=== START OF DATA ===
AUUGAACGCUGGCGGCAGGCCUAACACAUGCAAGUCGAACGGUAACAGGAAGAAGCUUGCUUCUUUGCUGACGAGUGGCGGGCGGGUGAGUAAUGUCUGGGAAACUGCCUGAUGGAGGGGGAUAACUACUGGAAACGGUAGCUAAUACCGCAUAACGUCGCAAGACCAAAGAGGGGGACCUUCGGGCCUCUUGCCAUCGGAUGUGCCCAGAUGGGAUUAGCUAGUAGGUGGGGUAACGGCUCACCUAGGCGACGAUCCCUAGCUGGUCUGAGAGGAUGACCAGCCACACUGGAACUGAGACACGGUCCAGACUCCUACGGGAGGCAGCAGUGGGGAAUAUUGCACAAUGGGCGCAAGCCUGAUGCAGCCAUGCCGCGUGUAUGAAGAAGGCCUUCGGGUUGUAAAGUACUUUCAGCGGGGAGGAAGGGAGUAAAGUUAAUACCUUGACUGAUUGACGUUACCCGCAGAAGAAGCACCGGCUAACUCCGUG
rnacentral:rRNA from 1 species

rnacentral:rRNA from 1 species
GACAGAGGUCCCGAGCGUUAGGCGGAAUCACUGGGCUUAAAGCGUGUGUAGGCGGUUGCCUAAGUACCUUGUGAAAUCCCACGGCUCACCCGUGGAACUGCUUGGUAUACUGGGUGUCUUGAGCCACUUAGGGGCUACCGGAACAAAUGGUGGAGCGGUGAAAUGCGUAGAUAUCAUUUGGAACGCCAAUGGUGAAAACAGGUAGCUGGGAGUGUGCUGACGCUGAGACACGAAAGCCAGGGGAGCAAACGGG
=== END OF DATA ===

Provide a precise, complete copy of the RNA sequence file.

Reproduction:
AUUGAACGCUGGCGGCAGGCCUAACACAUGCAAGUCGAACGGUAACAGGAAGAAGCUUGCUUCUUUGCUGACGAGUGGCGGGCGGGUGAGUAAUGUCUGGGAAACUGCCUGAUGGAGGGGGAUAACUACUGGAAACGGUAGCUAAUACCGCAUAACGUCGCAAGACCAAAGAGGGGGACCUUCGGGCCUCUUGCCAUCGGAUGUGCCCAGAUGGGAUUAGCUAGUAGGUGGGGUAACGGCUCACCUAGGCGACGAUCCCUAGCUGGUCUGAGAGGAUGACCAGCCACACUGGAACUGAGACACGGUCCAGACUCCUACGGGAGGCAGCAGUGGGGAAUAUUGCACAAUGGGCGCAAGCCUGAUGCAGCCAUGCCGCGUGUAUGAAGAAGGCCUUCGGGUUGUAAAGUACUUUCAGCGGGGAGGAAGGGAGUAAAGUUAAUACCUUGACUGAUUGACGUUACCCGCAGAAGAAGCACCGGCUAACUCCGUG
rnacentral:rRNA from 1 species

rnacentral:rRNA from 1 species
GACAGAGGUCCCGAGCGUUAGGCGGAAUCACUGGGCUUAAAGCGUGUGUAGGCGGUUGCCUAAGUACCUUGUGAAAUCCCACGGCUCACCCGUGGAACUGCUUGGUAUACUGGGUGUCUUGAGCCACUUAGGGGCUACCGGAACAAAUGGUGGAGCGGUGAAAUGCGUAGAUAUCAUUUGGAACGCCAAUGGUGAAAACAGGUAGCUGGGAGUGUGCUGACGCUGAGACACGAAAGCCAGGGGAGCAAACGGG